Multi-Objective Optimization, Building retrofi, Occupant behavior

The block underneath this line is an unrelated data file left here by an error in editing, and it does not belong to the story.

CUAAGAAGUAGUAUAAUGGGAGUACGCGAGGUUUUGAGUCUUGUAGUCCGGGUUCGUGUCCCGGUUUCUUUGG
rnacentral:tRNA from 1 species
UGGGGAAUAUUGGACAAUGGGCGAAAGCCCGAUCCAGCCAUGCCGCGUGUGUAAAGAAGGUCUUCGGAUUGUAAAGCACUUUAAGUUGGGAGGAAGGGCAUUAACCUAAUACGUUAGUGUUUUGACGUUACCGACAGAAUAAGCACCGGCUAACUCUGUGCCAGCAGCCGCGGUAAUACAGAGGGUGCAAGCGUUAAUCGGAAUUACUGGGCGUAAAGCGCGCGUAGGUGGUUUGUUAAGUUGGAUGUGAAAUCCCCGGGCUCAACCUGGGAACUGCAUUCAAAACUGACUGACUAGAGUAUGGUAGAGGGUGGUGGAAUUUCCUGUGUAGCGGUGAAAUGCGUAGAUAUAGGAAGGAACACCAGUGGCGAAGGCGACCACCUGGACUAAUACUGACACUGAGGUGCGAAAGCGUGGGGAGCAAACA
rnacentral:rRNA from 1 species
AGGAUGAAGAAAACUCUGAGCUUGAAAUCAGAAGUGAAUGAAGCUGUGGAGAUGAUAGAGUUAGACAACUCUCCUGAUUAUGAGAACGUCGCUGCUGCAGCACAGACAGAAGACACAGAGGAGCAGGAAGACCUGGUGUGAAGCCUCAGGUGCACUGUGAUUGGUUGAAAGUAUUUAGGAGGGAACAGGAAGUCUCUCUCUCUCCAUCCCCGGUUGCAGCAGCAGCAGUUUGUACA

Building retrofit design aims at achieving a certain low energy target at a minimum cost. However, these buildings tend to be less comfortable than expected, prone to overheating, poor air quality, and less resilient towards different user profiles. Even when more accurate simulation models are used to calculate the energy demand, occupant behavior is usually oversimplified as a static schedule or rule-based model which often does not depend on comfort conditions and does not represent the actual occupants’ reactions to manage indoor comfort. This can cause a significant gap between the simulated and the measured building performance. To address this gap, we have compared the performance indicators of optimal retrofit solutions obtained through a multi-objective optimization of a reference case and recalculated using different occupant-behavior models for the daily building operation – i.e. opening/closing windows. Recalculations of the optimal solutions have been performed with the generally used static schedules, a rule-based adaptive model, and an innovative probabilistic approach. The results have been analyzed through Pareto difference metrics to quantify the influence of behavioral models on energy consumption, cost, and comfort. Two referent scenarios – in a heating and cooling dominated climate – have been tested to observe the results under different boundary conditions. The findings demonstrate that the performance indicators vary strongly with each behavioral model severely compromising on the competing objectives of energy demand, i.e. cost, indoor air quality, and thermal comfort. The importance of realistic user behavior modeling is highlighted to prevent misleading conclusions on optimal solutions in the assessment of energy efficiency measures. It is pointed out that probabilistic behavior models are highly sensitive to variations of operating conditions, even leading to a positive rebound effect for certain retrofit strategies.